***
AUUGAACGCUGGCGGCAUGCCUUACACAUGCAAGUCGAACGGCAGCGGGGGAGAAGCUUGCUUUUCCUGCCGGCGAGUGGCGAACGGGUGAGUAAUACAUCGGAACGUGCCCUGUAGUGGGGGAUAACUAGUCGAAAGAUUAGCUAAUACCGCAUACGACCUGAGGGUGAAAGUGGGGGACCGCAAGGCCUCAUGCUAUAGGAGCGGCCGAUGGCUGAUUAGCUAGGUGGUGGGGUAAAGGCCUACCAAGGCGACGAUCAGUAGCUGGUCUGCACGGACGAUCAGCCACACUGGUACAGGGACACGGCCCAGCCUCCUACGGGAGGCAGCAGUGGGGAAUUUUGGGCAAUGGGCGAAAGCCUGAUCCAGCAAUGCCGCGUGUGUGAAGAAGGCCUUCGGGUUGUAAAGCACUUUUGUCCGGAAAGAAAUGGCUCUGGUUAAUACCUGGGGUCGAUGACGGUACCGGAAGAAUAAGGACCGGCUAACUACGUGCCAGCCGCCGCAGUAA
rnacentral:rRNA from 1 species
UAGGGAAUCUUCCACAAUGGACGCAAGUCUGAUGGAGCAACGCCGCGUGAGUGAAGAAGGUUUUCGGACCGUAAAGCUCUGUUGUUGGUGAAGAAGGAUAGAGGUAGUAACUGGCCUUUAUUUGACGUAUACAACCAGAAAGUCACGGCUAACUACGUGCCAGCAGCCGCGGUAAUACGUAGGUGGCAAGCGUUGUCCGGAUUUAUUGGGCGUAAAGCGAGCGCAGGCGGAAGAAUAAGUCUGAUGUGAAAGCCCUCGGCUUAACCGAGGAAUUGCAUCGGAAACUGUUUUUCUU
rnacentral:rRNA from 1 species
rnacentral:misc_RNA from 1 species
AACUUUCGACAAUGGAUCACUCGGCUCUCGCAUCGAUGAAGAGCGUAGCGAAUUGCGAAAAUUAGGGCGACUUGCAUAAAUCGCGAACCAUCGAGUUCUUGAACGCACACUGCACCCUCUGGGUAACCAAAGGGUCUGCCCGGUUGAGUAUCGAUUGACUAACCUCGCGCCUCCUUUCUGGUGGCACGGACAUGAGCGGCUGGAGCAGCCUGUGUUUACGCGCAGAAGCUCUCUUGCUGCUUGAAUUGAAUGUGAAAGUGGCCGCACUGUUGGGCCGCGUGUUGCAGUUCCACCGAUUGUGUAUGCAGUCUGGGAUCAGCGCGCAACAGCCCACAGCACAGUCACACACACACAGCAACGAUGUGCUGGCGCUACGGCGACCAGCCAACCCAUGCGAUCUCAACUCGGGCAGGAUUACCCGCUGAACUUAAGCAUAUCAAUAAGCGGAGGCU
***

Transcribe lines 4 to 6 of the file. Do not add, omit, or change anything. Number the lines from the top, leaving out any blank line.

rnacentral:rRNA from 1 species
rnacentral:misc_RNA from 1 species
AACUUUCGACAAUGGAUCACUCGGCUCUCGCAUCGAUGAAGAGCGUAGCGAAUUGCGAAAAUUAGGGCGACUUGCAUAAAUCGCGAACCAUCGAGUUCUUGAACGCACACUGCACCCUCUGGGUAACCAAAGGGUCUGCCCGGUUGAGUAUCGAUUGACUAACCUCGCGCCUCCUUUCUGGUGGCACGGACAUGAGCGGCUGGAGCAGCCUGUGUUUACGCGCAGAAGCUCUCUUGCUGCUUGAAUUGAAUGUGAAAGUGGCCGCACUGUUGGGCCGCGUGUUGCAGUUCCACCGAUUGUGUAUGCAGUCUGGGAUCAGCGCGCAACAGCCCACAGCACAGUCACACACACACAGCAACGAUGUGCUGGCGCUACGGCGACCAGCCAACCCAUGCGAUCUCAACUCGGGCAGGAUUACCCGCUGAACUUAAGCAUAUCAAUAAGCGGAGGCU